2. Gordon Brown, the “quiet one”: Well, it is still not quite clear what he thinks about the EU but he is clearly trying to ignore it. Or is he somehow ashamed of the EU? Apparently he thinks that the EU is just another multilateral organisation which also explains why he has overloaded his chief European adviser with other responsibilities (apart from being the EU adviser he is also the head of international economic affairs and the G8 sherpa). Not surprisingly, Brown has not been to Brussels since he became PM. Apparently he watered down a important EU speech by his foreign minister and killed a new European defense initiative. In order to protest against the attendance of Mugabe, he refused to participate in the EU-Africa summit. Overall, the claims of the opposition in the UK seem to dominate his mindset and could be an explanation for his rather cowardly behavior. He is not even planning to sign the new treaty during the official ceremony in Lisbon … probably he is afraid of seeing a photo of him (+ intimidating heading) in the Sun signing the treaty…
Result: not too much….yet. Overall, Gordon Brown seems ignorant, indecisive, in a way unpredictable but for sure without any vision for the future of the EU. At least he avoided a referendum on the new EU treaty in the UK even though that could also be Blair’s merit. Everything else Brown did regarding the EU surely weakened his position in the UK and in Europe.
3. Nicolas Sarkozy, the “hyperactive” one . He seems to follow a subtle approach with occasional outbursts. The French president manages to portrait himself as a big reformer and a pragmatic realist who is in favor of an effective EU. Considering that he has been in office for only a few months, the list of EU initiatives is already quite long, most of his ideas are not well thought through and usually disappear after a few days: He (or other governmental officials) attacked the ECB and the Euro and demanded more political influence. He proposed the creation of a wise men group to debate the future borders of Europe (or how to keep Turkey outside). At every EU summit he managed to change some terminology but without any legal implications (first the ‘undistorted competition’ clause, now the Turkey “membership”). Sarkozy also seems to like foreign policy but does not care about any joint EU strategy: he invited Gaddafi to Paris, he congratulated Putin after the Duma elections, he surprised everyone with the idea of a Mediterranean union (as usual, nobody knows the details). He (and his ex-wife) also took the credit for the release of the nurses from a prison in Libya despite the deal that the EU had already negotiated. Probably I forgot half of his plans already….Anyway, so far he gets what he wants. The question is whether he also gets it when big decisions need to be made.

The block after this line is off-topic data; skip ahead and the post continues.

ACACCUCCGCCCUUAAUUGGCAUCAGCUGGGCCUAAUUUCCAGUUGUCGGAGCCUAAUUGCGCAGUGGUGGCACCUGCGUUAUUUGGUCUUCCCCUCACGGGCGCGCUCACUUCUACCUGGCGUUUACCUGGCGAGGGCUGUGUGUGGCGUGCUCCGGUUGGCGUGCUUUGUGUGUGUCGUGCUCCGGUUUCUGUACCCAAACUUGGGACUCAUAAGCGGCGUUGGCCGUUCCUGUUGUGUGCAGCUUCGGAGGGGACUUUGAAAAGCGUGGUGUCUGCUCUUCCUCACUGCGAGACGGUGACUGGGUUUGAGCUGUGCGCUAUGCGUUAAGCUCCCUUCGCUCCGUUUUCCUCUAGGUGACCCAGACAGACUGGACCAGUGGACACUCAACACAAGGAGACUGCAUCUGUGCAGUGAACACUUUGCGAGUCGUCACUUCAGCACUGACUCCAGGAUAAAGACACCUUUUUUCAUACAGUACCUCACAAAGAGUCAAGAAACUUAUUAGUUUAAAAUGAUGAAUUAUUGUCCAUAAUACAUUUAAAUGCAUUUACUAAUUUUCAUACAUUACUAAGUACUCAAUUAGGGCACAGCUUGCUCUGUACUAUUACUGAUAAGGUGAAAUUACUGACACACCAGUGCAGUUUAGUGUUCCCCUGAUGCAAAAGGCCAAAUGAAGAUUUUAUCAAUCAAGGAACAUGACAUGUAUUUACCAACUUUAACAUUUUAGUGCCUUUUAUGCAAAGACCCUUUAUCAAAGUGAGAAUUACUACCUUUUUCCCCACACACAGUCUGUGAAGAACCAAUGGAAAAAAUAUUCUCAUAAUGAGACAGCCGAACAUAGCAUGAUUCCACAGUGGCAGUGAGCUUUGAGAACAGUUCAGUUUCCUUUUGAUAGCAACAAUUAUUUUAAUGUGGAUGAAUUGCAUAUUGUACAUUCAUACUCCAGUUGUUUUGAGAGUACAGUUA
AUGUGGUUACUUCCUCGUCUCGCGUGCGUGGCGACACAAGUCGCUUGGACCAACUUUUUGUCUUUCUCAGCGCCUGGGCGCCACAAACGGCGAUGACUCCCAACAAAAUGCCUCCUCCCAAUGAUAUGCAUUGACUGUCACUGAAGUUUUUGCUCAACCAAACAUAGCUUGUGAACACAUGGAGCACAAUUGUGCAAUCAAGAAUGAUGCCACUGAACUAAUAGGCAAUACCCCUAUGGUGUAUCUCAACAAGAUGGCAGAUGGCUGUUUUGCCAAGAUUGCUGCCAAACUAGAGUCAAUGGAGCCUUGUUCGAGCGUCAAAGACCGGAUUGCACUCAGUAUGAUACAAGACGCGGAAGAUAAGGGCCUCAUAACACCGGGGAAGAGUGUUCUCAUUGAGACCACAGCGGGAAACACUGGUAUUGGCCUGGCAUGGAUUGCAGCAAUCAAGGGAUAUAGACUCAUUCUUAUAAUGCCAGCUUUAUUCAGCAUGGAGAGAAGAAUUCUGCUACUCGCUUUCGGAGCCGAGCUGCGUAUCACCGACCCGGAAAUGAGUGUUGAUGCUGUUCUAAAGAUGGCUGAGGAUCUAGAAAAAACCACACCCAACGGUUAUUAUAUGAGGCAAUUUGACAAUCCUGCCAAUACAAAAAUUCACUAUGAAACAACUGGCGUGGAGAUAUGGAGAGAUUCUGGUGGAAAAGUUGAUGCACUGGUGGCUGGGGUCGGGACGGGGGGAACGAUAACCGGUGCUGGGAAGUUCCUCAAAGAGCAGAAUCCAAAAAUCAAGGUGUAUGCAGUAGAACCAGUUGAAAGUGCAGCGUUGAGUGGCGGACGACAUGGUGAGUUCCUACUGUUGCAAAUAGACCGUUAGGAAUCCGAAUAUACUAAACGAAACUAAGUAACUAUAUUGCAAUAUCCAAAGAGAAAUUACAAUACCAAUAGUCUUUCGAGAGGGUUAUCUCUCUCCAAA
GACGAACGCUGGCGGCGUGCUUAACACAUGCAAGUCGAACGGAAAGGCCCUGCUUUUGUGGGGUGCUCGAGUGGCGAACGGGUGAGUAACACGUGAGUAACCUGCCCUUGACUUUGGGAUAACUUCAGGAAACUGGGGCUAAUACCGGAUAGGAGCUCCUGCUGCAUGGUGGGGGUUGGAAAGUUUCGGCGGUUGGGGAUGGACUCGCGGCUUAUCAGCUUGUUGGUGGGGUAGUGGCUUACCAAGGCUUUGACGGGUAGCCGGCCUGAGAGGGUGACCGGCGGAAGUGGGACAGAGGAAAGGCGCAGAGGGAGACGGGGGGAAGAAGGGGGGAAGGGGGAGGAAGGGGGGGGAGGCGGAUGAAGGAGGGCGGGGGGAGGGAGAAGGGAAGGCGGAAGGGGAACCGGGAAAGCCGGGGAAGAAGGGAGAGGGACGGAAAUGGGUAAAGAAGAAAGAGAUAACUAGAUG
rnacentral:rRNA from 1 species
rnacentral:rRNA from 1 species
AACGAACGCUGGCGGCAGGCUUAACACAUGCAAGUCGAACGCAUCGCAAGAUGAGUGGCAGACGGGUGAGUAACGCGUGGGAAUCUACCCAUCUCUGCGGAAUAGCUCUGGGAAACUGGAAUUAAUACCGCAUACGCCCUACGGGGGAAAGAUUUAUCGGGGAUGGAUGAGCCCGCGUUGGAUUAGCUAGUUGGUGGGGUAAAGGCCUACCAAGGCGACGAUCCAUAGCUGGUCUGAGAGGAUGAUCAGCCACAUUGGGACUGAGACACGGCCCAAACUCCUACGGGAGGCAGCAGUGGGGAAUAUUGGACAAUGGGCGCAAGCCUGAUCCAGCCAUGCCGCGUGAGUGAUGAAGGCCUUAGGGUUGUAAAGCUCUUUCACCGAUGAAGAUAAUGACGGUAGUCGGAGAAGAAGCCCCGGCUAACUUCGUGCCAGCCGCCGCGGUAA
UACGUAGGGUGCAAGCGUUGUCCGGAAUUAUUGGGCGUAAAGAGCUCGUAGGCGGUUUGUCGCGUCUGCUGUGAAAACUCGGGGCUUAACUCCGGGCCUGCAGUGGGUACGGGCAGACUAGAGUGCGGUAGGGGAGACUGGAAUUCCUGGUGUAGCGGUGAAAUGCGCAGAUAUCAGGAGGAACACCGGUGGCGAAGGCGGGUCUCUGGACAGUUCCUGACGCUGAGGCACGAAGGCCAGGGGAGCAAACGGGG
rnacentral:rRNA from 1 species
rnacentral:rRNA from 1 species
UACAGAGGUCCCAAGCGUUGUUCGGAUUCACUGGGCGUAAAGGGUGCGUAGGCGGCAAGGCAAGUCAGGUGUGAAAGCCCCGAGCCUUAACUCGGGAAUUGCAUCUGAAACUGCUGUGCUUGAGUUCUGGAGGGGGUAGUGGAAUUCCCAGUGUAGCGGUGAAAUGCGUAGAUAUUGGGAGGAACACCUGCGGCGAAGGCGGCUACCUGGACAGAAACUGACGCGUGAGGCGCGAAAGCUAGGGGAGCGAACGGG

Result: symbolic changes in EU terminology, a downgraded wise men group, and his European counterparts still hope that he calms down and learns to play the diplomatic game.
Since Jarsolaw Kaczyński is out of government and Brown and Sarkozy have only been in power for a few month the question is whether we can expect any far reaching EU reforms from them. Will other leaders be strong enough to convince them in the future to make some important decisions? Or to put it more bluntly: Who do you think will be more successful in blocking EU decisions in the future?